On Tuesday, the U.S. Preventive Services Task Force (USPSTF), the government body tasked with, well, recommending preventive health care services to stop diseases in their tracks, is officially recommending that doctors prescribe prophylactic medicine to patients they consider vulnerable to contracting HIV.
“The USPSTF recommends that clinicians offer pre-exposure prophylaxis (PrEP) with effective antiretroviral therapy to persons who are at high risk of HIV acquisition,” said the agency in a draft recommendation.
“The evidence is clear: when taken as prescribed, PrEP is highly effective at preventing HIV,” added Dr. Seth Landefeld of the USPSTF in a statement.
PrEP is a once-daily treatment regimen; biotech Gilead’s drug Truvada is the flagship treatment, and studies have found that daily Truvada use was more than 90% effective in preventing HIV infection in high risk populations such as men who have sex with men. The new government recommendation underscores that, despite that high rate of efficacy, there’s still a deluge of preventable HIV diagnoses every year (some 50,000 new infections per year, and that’s only for people who get tested, according to the Centers for Disease Control).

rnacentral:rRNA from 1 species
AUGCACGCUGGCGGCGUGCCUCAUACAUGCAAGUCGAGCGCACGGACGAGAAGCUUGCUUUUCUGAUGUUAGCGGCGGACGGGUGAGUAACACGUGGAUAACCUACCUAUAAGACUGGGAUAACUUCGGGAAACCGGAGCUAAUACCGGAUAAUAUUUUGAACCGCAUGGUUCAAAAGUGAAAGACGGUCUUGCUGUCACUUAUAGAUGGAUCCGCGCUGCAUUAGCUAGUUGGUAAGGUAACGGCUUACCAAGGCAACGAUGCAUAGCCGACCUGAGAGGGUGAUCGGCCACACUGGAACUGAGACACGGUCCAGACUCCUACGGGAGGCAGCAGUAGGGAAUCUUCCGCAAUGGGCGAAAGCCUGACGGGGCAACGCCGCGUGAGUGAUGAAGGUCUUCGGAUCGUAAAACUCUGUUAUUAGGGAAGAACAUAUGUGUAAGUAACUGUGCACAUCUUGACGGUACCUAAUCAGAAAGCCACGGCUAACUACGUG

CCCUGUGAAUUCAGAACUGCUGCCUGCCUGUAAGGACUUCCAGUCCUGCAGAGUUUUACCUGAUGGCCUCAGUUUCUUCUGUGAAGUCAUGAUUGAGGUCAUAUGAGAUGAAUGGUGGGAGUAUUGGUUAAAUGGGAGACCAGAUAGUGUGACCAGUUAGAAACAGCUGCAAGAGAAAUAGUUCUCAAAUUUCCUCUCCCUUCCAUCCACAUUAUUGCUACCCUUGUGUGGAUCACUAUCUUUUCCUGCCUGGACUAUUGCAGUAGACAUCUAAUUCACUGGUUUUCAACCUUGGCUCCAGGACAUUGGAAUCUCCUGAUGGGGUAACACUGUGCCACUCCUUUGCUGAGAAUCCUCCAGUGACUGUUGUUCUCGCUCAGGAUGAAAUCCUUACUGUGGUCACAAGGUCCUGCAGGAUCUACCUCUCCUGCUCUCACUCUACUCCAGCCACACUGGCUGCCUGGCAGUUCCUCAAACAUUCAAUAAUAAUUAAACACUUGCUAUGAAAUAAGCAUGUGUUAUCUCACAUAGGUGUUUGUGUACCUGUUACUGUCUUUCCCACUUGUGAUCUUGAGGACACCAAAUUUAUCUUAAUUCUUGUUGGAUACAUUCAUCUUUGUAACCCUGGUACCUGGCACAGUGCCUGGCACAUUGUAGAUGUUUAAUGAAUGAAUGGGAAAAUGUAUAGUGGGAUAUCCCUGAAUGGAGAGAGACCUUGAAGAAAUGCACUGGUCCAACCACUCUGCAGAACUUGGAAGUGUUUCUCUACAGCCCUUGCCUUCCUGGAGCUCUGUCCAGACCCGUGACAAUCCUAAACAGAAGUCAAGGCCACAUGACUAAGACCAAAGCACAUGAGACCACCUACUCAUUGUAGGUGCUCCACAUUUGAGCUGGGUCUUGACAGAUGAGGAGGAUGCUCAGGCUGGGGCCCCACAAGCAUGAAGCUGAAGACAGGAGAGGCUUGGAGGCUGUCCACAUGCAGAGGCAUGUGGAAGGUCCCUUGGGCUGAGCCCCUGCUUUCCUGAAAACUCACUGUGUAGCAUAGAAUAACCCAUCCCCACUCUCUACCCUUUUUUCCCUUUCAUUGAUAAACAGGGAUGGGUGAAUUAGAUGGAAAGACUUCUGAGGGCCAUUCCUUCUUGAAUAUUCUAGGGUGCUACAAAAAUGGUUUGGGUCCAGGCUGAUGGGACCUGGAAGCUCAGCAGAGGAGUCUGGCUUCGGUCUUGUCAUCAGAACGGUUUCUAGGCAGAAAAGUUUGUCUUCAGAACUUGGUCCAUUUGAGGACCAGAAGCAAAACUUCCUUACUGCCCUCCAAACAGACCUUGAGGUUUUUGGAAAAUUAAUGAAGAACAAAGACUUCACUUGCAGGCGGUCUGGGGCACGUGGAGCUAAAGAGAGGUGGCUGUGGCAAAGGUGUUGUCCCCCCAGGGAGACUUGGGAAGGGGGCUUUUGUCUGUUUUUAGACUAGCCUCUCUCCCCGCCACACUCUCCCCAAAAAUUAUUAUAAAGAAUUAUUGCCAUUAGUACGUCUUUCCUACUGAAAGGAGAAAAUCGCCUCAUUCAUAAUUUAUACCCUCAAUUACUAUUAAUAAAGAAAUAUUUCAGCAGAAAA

Beyond Truvada, the USPSTF also noted that another HIV treatment called tenofovir could also be an effective form of PrEP.
Read on for the day’s news.
‘Mini brains’ mimic premature babies. Nature reports that scientists have been able to grow miniature “brains” in petri dishes which mimic the electrical activity seen in the brains of prematurely born babies. The early stage research could give scientists a more nuanced glimpse into early brain development, especially given that collecting live biological material for such research is a complicated and risky process. (Nature)
Pfizer blows past drug price outrage, plans hikes anyways. Drug giant Pfizer is continuing its streak of paying little heed to public and political outrage over high drug prices. The Viagra maker is planning to hike the list prices of more than three dozen medicines in January, and the increases will range from 5% to 9% (significantly outpacing inflation). As has become the norm in these cases, Pfizer defended itself by pointing the finger at insurers and pharmacy benefits managers, blaming them for the high out of pocket costs borne by patients for prescription drugs.
THE BIG PICTURE
Chicken pox outbreak linked to anti-vaccination camp in NC. 36 students at a single North Carolina high school have been diagnosed with chicken pox, and health officials are blaming the low rates of vaccination in the community. Just 42 of the 152 students at the school have reportedly received a chicken pox vaccine, and nearly 70% of kindergarten students in the district had religious exemptions for mandated immunizations. (NBC News)
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|Produced by Sy Mukherjee|